Had she been seeress as well as refugee from some village plundered by the Franks? Just so Leo's nurse -- who had been his mother's before she was his -- had ranted when confronted by some domestic tragedy; and a devastated village was far more than broken glass, stolen food, or the death of distant cousins.
When he had seen the crone who resembled his nurse struck down, he had tried to raise her, trying to see how badly hurt she was: not broken too badly to walk, thank God. She had clutched at his arm, pulling him down until he had recoiled, disgusted at the thought that she might snatch a kiss from a fine young soldier -- in front of the army, which made the humiliation worse. He had drawn back, but given her what coin he had about him. She babbled at him, drawing his face down to hers again.
"Going to kiss her? Back to your post!" At his uncle's orders, Leo withdrew.
To his surprise, his uncle had later appeared at his side. "Did she speak to you?" the strategos asked.
"She babbled something. To tell you the truth, sir, I was more concerned with her breath than her words."
"Forgotten your milk-speech, have you?" So what if he had had an Armenian nurse. So what if his mother had Armenian blood. Neither was reason to taunt him. Leo shrugged. The old woman had mumbled things about treachery, slaying of kin, nothing worthy of mention.
Silently, stirrup to stirrup with his uncle (a mark of favor that won him a glare from his cousin Nicholas), they had ridden back to camp. That night the chaplain had given the army curses, instead of comfort and sacraments.
The campaign was ill-fated. Leo did not need the crone's words or his friend's croaking to tell him that.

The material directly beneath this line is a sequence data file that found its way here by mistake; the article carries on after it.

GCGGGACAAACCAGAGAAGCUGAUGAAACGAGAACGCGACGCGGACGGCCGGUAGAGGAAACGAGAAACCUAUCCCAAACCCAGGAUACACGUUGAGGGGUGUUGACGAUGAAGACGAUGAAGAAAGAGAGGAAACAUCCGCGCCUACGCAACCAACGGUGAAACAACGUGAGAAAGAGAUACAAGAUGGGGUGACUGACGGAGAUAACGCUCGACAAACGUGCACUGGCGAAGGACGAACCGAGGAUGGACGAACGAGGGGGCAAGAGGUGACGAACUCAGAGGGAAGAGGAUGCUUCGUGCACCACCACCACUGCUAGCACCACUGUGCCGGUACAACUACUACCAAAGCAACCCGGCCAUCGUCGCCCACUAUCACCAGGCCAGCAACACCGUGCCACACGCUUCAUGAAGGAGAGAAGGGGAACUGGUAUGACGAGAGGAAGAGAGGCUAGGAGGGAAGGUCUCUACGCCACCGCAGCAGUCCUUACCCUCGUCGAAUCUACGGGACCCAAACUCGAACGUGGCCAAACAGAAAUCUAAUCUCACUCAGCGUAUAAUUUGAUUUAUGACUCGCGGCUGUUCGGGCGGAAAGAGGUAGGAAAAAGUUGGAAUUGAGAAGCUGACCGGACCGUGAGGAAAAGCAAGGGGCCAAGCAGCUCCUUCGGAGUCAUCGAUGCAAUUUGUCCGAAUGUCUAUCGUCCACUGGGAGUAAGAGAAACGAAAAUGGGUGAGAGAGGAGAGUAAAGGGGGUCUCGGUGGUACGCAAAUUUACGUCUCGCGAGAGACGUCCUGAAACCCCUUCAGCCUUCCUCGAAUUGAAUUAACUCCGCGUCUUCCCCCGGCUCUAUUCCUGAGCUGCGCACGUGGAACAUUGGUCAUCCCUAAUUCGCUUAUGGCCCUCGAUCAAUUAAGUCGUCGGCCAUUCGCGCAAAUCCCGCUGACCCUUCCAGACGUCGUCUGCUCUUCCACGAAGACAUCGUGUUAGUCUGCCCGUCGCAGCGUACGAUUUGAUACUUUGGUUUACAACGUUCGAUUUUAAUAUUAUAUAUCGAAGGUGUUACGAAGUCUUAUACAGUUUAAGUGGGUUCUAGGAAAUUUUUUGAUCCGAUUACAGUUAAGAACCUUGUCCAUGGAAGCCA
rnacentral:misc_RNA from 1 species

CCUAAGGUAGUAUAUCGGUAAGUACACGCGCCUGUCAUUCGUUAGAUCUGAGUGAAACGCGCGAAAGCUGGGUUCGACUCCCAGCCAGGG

"Are you trying to break your neck before you get to fight?" A guardsman slapped Leo's horse. He reined it in, hating the guardsman for exposing him. It was his duty, and duty was all part of Imperial and family service: scorn either, and not only would he not be granted another chance, he would speedily lose his life.
As he might right now if he did not put his mind on his duties. We are not the rich branch of the Ducas family, he had been told since he was a child. Enough remained to procure him this place in the host; for the rest, he must set himself to imitate his uncle. He had the height. He had the somber, aquiline look of all his family. But there the resemblance ceased. Leo fretted: Andronicus sat like iron behind his kite-shaped shield, waiting for word from the Emperor.
Leo must only obey. He had profited from obedience before. Twice, he had ridden between the reserves and the Emperor himself -- the last time when Romanus rejected Alp Arslan's request for a truce. The Seljuks had even been made to prostrate themselves. Granted, the Autocrator had been more arrogant than prudent in the manner of his rejection. Still, he was Emperor of the Romans, while Alp Arslan, this mountain lion, as his name ran, from the steppes of Asia was -- what?
Overmatched by a greater force, for one thing, and with the wit to know it. But a lion, even outnumbered, still possessed fangs and claws. Who would have thought that the half-bestial Seljuks could fight so long and so craftily? Maybe it had been that Persian minister standing at Alp Arslan's back. Persians, as any Roman knew, were treacherous as well as fierce.